Dr. Joy: Yeah. So it doesn't feel like they have been super clear about what kinds of factors they use to match them. I mean, you know, so of course, they talk to the matchmakers. It's a panel of three or four, I think a difference between each season, but this season I think they've had three. And so they talk a little bit about like, oh, their ambitions kind of match. Or you will hear them say like, oh, they're both really interested in starting a family. So those are the things that it seems like they talk about most often.

But since attractiveness is so subjective, I don't know how they really would be able to kind of match for that. And especially when you are marrying somebody that you know nothing else about, all you're going to have is like your initial attraction. And so it seems like people just react very strongly when they are not initially attracted to their person from the beginning. And it feels like it takes a very long time, if ever, for them to recover from it.

Beverley: Right. Because I think the level of investment is tied to the aesthetics. I think that there are the values, the core values that do matter... Like, okay, do you want to have kids? Do you not want to have kids? Do you enjoy having close bonds with your in laws or not? Like, there are certain things that can make or break a relationship because people typically will not compromise on, like let's say those top three to five things. But typically, those people have seen each other and it's like, okay, well, you've passed the first test of looks, now let's see if our core values align.

Versus in this situation, you are now paired because of your values. There's potential for you all to be able to work and to have a great marriage, but if I didn't really get your dream person, the visual of your dream person right, you literally have to fight to move past that in order to allow those values to contribute to that person being attractive to you.

Dr. Joy: Mm hmm. Yeah. I think because under different circumstances, like typically, there may be some warming up to a person. But you have more time, whereas here you're like married from the beginning so there is no time to warm up.

Beverley: Mm hmm. So, I think about Chris's comment when he was like, “I think Paige is what I need versus what I would have wanted.” And I think that's a very important conversation because we do know that these are the things that we need in a partner. The attributes of that person that will compliment us, the type of life that we want to live, but the things that we want, are those things negotiable? If he's not six feet, are you okay with a 5'5"? If she doesn't have long hair, are you okay with a woman who has short hair? You know, how much weight do people put on the wants versus the needs? And I wonder if the relationship coaches and all of those folks who put them together, if they put more weight on “this is what this person needs in order to do great in a marriage.”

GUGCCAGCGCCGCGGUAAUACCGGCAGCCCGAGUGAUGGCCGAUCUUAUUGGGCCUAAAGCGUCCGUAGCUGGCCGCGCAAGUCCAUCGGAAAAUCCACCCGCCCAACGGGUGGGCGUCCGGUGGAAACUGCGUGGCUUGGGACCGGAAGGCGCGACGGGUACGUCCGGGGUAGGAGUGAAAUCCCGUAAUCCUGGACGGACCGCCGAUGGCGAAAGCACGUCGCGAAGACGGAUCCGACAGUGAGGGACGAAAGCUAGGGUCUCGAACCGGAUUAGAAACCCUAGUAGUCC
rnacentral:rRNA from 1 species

Dr. Joy: Yeah. And I do think that there's something to that because we know that there are definitely things beyond just attraction that really make a relationship successful.

Beverley: Mm hmm.

Dr. Joy: But it feels like jumping to the marriage piece is where they get like really caught up. Like, I wonder if the experiment was, we've played matchmaker and this is somebody we think would be a really good match for you and you maybe just have to live with them for a couple of months. As opposed to like then having to divorce them. Now, of course, that probably is less dramatic for TV, but I feel like that would be a far better kind of an experiment than them getting married immediately.

Beverley: Well, I think about love is blind *[inaudible 0:41:10] all day, all day. Because they were able to, you know, build an attraction to each other without seeing each other, with the thought of, okay, this is going to lead to marriage. So I think there was like a little bit of a buffer knowing that they had a way out, versus you are not married and for whatever time period, you literally are committed to this person in every legal way possible. And I think that, yes, they do realize that at the end of it all, I can make a decision to either be divorced or to be married but you really have to have a conversation with yourself.

Like, if these experts are the ones who said this person was my best fit and I don't agree with that, then what does that mean for me? Where do I place my values? What is it that's really important for me? Maybe I'm really not ready to be married, maybe I'm really not looking for what I wrote down on this paper. You have yourself and your family on nationwide TV and insist that you're inviting people into your personal life, I would think it's because you really are serious about being married. Like this process, I think is like what, a year long. You have to do a psych eval, you have to do all of these things. So I would think that the people on the show are invested and to seeing if something worthwhile will come out of this. I don't know, maybe the being married really quickly is for shock factor. Or maybe it's to remove the option of choice from the onset. Like, well, this is your person.

Dr. Joy: Right. Like you said, I think you make some good points. Like if you're saying you really want to be married and these people have expertise in the kinds of things that keep couples together and they've given you somebody who they think you have a good shot with... You're right, like maybe you do need to reexamine whether you're even really ready for the commitment or whether what you're saying you want is what you really want.